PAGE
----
This phase has several substages, which are sometimes grouped together because the processes are similar. The first of these is called the milk stage and is recognized by the presence of the male reproductive part (VT), or tassel.
During this phase, sweet corn kernels are fully extended, and they contain a milky liquid. The tassel will eventually fertilize each kernel. The first two leaves will be visible.
The second vegetative growth stage of sweet corn is called the emergence stage. In this stage, the first leaf appears.
The collar of each leaf is clearly visible. In this stage, the plant’s leaves will continue to develop until it reaches their vegetative maturity, which is approximately four to eight feet tall. The third and final stage is the flowering stage, during which time the plant is largely inactive.
Stage 3: The VT Tassel Emergence
During the VT Tassel Emergence stage of Sweet Corn, the ear shoots, which are the potential ears, are visible outside of the husk.
The pollen then moves down the silk and into the ovule. This process occurs on the silk and takes around 24 hours.
This growth stage is influenced by environmental conditions. Stress and lack of moisture can hinder the pollen transfer, and the leaves are dry and inflexible.
The vegetative growth stage (VG) of corn is the appearance of the plant’s leaves. It is characterized by the presence of collars on the lower stems. The first and the final VT stages are also referred to as emergence and tasseling.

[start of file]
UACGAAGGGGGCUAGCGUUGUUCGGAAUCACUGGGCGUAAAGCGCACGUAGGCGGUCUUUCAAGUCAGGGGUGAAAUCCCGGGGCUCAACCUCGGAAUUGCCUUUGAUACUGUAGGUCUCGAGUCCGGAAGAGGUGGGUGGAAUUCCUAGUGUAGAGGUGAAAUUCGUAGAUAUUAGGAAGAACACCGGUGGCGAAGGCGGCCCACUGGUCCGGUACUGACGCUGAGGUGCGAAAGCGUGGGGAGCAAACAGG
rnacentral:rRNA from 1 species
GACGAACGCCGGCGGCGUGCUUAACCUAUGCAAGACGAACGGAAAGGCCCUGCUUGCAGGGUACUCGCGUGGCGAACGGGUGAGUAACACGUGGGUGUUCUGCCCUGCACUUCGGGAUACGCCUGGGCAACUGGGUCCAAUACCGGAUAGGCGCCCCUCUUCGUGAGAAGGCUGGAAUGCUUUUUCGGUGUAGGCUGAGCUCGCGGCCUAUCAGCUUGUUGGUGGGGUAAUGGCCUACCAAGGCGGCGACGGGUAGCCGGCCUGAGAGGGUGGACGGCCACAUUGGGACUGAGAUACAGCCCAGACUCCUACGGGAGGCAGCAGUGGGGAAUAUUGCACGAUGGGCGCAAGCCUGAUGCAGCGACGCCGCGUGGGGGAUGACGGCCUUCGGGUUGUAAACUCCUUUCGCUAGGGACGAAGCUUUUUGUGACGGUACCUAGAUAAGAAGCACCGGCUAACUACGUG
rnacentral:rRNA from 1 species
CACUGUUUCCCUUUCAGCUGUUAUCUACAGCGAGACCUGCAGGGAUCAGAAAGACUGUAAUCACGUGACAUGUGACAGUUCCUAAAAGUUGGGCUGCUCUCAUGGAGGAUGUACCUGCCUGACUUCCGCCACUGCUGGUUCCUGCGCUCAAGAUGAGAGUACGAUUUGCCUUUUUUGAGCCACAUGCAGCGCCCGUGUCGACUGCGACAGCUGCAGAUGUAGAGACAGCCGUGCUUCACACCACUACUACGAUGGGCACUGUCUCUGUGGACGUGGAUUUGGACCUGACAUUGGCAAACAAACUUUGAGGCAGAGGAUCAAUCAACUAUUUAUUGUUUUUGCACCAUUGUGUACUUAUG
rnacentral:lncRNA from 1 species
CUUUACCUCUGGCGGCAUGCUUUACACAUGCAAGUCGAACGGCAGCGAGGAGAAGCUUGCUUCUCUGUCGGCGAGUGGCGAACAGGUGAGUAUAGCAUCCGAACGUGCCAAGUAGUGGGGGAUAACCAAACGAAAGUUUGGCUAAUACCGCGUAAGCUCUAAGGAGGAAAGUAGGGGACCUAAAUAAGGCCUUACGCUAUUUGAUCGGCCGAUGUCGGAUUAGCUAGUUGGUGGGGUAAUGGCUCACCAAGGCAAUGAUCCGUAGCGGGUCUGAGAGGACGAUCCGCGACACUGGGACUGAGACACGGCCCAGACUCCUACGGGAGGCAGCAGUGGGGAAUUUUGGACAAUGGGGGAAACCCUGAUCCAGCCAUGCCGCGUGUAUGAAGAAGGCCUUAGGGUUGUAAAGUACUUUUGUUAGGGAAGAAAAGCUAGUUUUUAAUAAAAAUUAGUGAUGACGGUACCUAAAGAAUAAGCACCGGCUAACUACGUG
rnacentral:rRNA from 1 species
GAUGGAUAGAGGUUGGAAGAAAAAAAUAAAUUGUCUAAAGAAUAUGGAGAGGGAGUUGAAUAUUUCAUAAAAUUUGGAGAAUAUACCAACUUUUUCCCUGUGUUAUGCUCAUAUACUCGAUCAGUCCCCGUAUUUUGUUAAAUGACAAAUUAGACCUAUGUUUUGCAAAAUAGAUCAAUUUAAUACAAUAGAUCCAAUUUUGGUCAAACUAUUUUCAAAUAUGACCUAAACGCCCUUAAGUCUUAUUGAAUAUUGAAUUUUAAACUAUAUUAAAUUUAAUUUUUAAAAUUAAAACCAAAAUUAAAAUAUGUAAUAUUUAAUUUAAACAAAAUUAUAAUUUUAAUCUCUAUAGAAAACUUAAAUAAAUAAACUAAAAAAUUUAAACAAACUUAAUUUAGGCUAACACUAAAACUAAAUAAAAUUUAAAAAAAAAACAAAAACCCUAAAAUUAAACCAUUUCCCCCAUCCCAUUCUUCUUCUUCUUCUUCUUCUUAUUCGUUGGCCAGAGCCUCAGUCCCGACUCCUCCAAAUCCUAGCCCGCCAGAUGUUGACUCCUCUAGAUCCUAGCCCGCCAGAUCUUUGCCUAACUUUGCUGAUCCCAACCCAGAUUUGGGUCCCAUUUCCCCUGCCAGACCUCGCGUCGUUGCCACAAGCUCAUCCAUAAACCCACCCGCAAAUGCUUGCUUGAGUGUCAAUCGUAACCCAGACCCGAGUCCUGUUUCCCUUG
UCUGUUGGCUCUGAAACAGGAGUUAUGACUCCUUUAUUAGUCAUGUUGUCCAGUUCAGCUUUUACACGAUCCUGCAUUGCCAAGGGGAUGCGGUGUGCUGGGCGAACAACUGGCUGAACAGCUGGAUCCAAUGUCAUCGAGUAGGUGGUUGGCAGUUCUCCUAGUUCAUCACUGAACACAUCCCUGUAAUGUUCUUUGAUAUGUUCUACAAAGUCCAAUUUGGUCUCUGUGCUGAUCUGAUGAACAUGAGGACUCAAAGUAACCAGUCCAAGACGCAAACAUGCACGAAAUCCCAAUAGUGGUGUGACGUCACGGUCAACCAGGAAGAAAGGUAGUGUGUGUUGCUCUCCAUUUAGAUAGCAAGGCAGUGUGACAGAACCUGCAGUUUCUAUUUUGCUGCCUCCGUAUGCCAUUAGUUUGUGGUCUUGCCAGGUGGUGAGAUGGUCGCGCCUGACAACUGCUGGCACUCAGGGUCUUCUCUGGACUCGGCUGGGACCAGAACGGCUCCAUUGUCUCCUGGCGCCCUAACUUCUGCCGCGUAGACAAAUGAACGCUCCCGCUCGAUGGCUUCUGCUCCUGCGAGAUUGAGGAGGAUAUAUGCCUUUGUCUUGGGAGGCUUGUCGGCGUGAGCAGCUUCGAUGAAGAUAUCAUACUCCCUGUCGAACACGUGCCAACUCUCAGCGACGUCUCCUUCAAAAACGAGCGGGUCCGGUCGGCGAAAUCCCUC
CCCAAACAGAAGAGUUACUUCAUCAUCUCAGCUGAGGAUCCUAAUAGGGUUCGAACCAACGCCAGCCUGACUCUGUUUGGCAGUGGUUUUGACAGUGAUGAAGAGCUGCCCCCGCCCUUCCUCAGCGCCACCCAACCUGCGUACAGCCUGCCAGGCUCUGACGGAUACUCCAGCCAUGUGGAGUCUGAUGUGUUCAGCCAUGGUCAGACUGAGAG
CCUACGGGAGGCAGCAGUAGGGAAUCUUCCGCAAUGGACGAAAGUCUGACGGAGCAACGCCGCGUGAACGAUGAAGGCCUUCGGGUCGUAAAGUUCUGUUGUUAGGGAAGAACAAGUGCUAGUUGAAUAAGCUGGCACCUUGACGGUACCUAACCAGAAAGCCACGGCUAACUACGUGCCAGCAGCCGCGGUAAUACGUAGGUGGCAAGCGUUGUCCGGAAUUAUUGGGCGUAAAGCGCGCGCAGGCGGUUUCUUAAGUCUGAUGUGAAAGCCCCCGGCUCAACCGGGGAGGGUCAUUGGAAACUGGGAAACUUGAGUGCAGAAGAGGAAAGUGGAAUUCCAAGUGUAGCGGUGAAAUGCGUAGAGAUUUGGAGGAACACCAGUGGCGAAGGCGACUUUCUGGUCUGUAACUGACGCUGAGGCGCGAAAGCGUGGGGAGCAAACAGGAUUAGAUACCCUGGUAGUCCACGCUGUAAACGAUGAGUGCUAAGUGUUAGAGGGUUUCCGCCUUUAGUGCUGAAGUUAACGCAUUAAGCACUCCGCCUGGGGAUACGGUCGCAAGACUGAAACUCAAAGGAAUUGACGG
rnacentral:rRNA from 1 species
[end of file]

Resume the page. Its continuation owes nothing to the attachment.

During the VT Tassel Emergence stage, the plant is about knee-high. It has developed tiny side buds. These buds will form the ears and the tassel. By the end of the VT Tassel Emergence stage, it is seven feet tall and has developed ovules on each ear.
The VT Tassel Emergence stage of Sweetcorn is defined by the appearance of the tassel. It is the male reproductive part of the plant. When the VT is visible, it is in a mature plant.
The tassel is the lowest branch of the tassel and eventually fertilizes each kernel. During this stage, the plant is more vulnerable to hail damage than at earlier stages, and the tassel may appear even before the final leaf stage.
Stage 4: R1 Silking of Sweet Corn
The R1 Silking stage of sweet corn is the most critical stage in the growing process. The kernels are still filled with a milky white fluid, and the outside of the fruit is yellow.
The inner portion of the kernel is milky white and contains 85% moisture. The plant is also most sensitive to stress during this time, and frost can significantly reduce yield potential by causing kernel abortion.
Early frost can also prevent the accumulation of dry matter and prematurely cause the growth of black layers.
After the vegetative growth stage has finished, the corn plant will enter the reproductive growth stage. There are six reproductive stages, identified by numerical designations.
At the R1 Silking stage, the kernels are covered with silks and capture pollen grains that fall from the stalk.
These pollen grains continue to grow and develop down the silks, becoming the beginnings of corn kernels. The next two to three days are needed for the plant to achieve physiological maturity.